Living with a herniated disc can be painfully challenging, but you may find relief with rest, a planned exercise program, and time. However, when your pain is persistent, limits your mobility, or otherwise diminishes your quality of life, surgery may be your best option.
Board-certified neurosurgeon Dr. Patrick Doherty and our Yale Neurosurgery New London team are experts at diagnosing and treating painful spine disorders, including herniated discs.
While conservative therapies are often exactly what your back needs to heal, here’s why our team agrees that some people may require surgical intervention for a herniated disc.
Understanding herniated discs
The spine includes vertically stacked vertebrae separated by intervertebral discs that act as cushions and shock absorbers. A herniated disc occurs when the outer layer of the disc, called the annulus fibrosus, weakens or tears.
This provides an opening for the inner gel-like disc material, known as the nucleus pulposus, to protrude (herniate) or leak out. Depending on the direction of herniation, the disc material may encroach on nearby nerves, ligaments, and other spinal structures.
This can lead to pain, numbness, weakness, and other symptoms that may spread into areas (dermatomes) served by nerves. For instance, a herniated disc in the lumbar (lower) spine that irritates the sciatic nerve can cause pain traveling into the hips, legs, and feet.
Conservative treatments for herniated discs
In many cases, nonsurgical treatments are the first defense against herniated discs. These may include physical therapy, medicine, lifestyle changes or epidural injections:
Targeted exercises and stretches can help improve flexibility, strengthen the core, and alleviate pressure on the affected disc.
Dr. Doherty may prescribe pain relievers, muscle relaxants, and anti-inflammatory drugs to manage pain and reduce inflammation.
Changes in daily activities, such as maintaining good posture, using proper lifting techniques, and incorporating ergonomic adjustments, can contribute to symptom relief.
Epidural steroid injections
These injections deliver anti-inflammatory medication directly to the affected area, relieving pain and inflammation.
When do you consider surgery for a herniated disc?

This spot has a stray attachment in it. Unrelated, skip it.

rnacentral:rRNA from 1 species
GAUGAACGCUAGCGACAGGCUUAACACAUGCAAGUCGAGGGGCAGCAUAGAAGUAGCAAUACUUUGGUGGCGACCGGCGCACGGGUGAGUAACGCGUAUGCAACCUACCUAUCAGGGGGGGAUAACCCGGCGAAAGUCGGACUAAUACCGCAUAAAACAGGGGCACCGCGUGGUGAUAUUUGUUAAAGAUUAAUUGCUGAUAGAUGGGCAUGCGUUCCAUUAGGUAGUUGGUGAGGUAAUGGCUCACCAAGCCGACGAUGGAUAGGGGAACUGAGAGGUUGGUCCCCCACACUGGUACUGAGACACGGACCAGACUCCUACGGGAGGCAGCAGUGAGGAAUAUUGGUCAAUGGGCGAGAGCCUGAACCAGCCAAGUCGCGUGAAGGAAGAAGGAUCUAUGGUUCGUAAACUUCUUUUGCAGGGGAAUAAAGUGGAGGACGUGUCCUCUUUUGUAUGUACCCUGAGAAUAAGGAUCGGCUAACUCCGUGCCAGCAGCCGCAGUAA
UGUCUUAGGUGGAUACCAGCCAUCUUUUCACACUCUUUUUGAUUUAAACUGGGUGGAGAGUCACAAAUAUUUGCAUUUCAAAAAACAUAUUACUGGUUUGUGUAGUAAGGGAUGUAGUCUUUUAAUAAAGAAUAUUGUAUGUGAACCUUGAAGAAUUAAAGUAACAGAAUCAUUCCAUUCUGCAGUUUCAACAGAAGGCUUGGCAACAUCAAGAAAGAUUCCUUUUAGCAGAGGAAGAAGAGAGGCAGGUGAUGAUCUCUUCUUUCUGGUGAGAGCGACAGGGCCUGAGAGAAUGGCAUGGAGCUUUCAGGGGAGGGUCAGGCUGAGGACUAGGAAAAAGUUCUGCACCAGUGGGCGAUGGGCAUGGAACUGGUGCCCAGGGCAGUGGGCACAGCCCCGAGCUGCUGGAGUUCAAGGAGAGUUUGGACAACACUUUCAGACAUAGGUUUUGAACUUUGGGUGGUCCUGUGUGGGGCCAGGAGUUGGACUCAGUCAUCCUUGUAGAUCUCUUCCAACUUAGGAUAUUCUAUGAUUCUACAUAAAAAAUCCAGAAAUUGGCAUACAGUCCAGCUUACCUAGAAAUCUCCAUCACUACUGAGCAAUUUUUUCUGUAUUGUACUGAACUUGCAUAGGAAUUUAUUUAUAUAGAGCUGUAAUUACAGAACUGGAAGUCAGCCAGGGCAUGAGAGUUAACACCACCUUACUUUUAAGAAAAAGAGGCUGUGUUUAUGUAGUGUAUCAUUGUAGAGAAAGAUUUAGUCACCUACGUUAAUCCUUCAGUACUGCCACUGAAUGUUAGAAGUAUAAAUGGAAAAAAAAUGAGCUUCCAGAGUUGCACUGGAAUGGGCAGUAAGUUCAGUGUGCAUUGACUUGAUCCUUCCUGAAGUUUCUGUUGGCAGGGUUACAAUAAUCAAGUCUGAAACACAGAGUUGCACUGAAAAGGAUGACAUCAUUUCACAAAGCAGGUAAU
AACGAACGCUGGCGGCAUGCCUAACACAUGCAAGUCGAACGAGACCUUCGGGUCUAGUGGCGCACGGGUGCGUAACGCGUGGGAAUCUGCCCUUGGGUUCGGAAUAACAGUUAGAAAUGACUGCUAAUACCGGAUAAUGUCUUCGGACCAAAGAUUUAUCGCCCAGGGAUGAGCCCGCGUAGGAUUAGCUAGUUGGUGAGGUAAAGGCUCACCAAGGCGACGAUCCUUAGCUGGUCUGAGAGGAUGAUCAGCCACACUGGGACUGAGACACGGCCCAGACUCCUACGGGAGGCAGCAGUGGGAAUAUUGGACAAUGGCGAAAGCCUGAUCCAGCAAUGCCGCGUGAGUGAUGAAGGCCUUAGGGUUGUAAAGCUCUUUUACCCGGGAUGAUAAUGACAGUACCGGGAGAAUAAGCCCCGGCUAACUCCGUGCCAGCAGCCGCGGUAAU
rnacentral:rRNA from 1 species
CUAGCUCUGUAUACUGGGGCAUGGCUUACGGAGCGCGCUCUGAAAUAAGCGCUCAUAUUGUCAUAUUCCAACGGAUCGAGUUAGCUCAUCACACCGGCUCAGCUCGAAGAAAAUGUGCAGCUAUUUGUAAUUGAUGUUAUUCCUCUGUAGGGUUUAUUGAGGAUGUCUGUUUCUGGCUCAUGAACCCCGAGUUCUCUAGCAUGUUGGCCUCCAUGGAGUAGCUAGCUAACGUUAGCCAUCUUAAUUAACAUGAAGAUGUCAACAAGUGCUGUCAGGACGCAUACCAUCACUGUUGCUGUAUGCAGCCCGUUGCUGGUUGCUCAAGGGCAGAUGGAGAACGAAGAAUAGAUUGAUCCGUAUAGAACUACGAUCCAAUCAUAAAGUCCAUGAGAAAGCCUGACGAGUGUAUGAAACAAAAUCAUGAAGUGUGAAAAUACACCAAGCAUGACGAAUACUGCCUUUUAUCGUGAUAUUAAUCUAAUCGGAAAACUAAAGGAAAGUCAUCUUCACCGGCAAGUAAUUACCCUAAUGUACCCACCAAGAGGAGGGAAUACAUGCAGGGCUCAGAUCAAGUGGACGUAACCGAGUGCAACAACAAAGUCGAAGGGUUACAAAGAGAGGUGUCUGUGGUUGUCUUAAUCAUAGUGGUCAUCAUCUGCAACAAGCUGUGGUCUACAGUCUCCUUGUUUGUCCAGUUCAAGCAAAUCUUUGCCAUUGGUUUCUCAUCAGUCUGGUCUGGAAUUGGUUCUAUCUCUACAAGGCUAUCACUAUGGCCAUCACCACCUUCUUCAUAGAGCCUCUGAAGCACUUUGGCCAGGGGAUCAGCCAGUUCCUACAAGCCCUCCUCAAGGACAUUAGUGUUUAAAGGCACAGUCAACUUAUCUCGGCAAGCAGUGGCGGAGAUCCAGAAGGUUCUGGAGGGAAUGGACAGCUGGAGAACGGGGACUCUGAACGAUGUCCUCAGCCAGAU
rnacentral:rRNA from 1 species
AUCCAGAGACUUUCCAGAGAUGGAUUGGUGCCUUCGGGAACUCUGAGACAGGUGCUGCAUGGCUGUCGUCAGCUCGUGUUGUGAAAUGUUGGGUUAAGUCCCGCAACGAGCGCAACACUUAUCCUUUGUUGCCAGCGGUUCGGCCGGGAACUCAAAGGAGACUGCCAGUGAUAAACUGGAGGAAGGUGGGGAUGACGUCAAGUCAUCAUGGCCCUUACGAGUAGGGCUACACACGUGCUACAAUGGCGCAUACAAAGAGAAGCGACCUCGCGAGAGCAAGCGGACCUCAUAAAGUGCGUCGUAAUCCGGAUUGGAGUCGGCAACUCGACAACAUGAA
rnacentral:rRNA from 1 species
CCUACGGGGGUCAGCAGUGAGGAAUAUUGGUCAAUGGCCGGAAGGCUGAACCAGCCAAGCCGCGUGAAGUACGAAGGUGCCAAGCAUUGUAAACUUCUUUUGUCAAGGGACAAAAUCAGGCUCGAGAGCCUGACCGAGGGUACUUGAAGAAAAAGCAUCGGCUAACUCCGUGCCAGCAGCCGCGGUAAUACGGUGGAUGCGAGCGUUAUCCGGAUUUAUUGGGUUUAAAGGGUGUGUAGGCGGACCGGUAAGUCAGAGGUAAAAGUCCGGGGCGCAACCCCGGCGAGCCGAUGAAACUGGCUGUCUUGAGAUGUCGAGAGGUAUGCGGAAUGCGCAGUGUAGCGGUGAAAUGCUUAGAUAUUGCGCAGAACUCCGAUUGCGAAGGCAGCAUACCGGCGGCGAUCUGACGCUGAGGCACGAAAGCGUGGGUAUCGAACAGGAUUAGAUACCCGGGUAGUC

While many people experience significant improvement with conservative treatments, Dr. Doherty may recommend surgery for certain situations, including these:
Persistent or severe symptoms
Dr. Doherty may consider surgery if conservative treatments fail to provide relief and the pain, numbness, or weakness persists or worsens.
You may also benefit from surgery when a herniated disc significantly impairs your ability to perform daily activities at home or work.
Surgery may become a priority to prevent permanent damage when nerve compression leads to neurological deficits, such as difficulty with bowel or bladder control.
What types of surgeries are available for herniated discs?
Several surgical procedures can address herniated discs. Dr. Doherty bases his recommendations on factors such as the location and severity of the herniation.
Common surgical options include discectomy, laminectomy, and spinal fusion:
This procedure involves removing the portion of the disc that is pressing on a nerve, relieving nerve compression.
During laminectomy, Dr. Doherty removes a portion of the vertebral bone (lamina) to create more space and alleviate nerve pressure.
If the disc damage causes significant instability, Dr. Doherty may suggest spinal fusion to join two or more vertebrae together. This helps stabilize the spine and relieves pain.
Dr. Doherty recommends the least invasive and most beneficial procedure for your disc problem and discusses your options in detail before scheduling the surgery.
Schedule an evaluation at Yale Neurosurgery New London today for more information about herniated disc treatment and other services we offer.